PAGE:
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Overview

A colonoscopy is important because it is the only way to know if you have rectal cancer.

There are cases on record where people have rectal cancer, not had a colonoscopy, and lost their lives because the cancer was not detected on time.

If you are deemed to be at risk for cancer or are continuing to have symptoms, it is important to have a colonoscopy.

The American Cancer Society recommends that people at average risk for colorectal cancer should talk to their doctor about whether to discuss getting colorectal cancer screening.

There are 4 ways to identify colorectal cancer: colonoscopy, sigmoidoscopy, fecal

This article continues to explain how colorectal cancer is found and treated accordingly.

 

Things You Should Know About Colonoscopy

 

 

As for the gastrointestinal system, it has the unique ability to digest and absorb most of the food we consume.

It is important that as we age, our gastrointestinal system stays healthy and functioning.

Recent statistics show that about one in five patients who have a screening colonoscopy develop a polyp.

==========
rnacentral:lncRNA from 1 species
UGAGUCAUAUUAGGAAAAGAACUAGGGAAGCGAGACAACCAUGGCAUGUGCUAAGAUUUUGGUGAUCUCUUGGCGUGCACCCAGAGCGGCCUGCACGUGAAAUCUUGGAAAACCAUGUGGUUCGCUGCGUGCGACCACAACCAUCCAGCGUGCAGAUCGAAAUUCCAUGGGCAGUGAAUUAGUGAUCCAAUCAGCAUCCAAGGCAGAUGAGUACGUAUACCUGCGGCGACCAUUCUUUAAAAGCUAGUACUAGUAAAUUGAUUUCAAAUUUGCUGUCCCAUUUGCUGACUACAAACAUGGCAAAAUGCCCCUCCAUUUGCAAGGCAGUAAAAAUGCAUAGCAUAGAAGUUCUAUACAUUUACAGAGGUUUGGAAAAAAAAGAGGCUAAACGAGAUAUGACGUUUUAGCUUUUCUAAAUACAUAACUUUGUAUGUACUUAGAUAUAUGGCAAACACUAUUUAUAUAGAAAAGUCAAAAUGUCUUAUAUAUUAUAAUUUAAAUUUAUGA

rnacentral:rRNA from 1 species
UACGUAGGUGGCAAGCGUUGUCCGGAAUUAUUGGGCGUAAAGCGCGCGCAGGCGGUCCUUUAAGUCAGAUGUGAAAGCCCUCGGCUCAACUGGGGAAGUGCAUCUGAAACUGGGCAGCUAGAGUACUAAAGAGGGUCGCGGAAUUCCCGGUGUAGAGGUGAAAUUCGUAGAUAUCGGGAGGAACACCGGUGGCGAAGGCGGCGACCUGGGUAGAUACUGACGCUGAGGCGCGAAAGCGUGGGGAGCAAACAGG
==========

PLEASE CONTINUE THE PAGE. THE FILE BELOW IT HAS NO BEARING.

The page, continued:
They found out this way and they can now take steps to remove them and reduce their risk of colon cancer.  

 

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The Risks and Consequences of Colon Cancer

Colon cancer, like the name implies, begins in the colon.

The job of the colon is to absorb all of the water from what you eat and drink so it can move on through to an organ called the rectum where waste matter that cannot be broken down is expelled when you go to the bathroom.

Colon cancer often doesn’t have any symptoms until it has advanced into Stage III or even Stage IV.

If left untreated, this type can spread rapidly throughout your body and cause severe pain and complications or even death.

Colonoscopies, which are performed by gastroenterologists, are the most effective way to identify colorectal cancer early on.

A colonoscopy can help identify and treat cancerous growths, inflammatory bowel disease or other potentially dangerous complications of your digestive system.

 

The Benefits of Colonoscopy Screening